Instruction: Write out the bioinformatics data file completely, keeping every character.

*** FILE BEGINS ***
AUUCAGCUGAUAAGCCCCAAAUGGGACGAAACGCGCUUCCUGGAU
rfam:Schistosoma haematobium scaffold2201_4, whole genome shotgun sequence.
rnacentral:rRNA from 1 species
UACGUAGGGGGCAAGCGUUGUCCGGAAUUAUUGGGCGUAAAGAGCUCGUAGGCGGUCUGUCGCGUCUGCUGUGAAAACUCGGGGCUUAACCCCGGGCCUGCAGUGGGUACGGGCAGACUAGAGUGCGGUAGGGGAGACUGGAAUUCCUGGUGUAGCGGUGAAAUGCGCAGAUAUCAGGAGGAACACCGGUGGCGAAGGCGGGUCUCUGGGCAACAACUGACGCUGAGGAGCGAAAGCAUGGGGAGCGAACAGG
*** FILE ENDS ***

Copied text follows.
AUUCAGCUGAUAAGCCCCAAAUGGGACGAAACGCGCUUCCUGGAU
rfam:Schistosoma haematobium scaffold2201_4, whole genome shotgun sequence.
rnacentral:rRNA from 1 species
UACGUAGGGGGCAAGCGUUGUCCGGAAUUAUUGGGCGUAAAGAGCUCGUAGGCGGUCUGUCGCGUCUGCUGUGAAAACUCGGGGCUUAACCCCGGGCCUGCAGUGGGUACGGGCAGACUAGAGUGCGGUAGGGGAGACUGGAAUUCCUGGUGUAGCGGUGAAAUGCGCAGAUAUCAGGAGGAACACCGGUGGCGAAGGCGGGUCUCUGGGCAACAACUGACGCUGAGGAGCGAAAGCAUGGGGAGCGAACAGG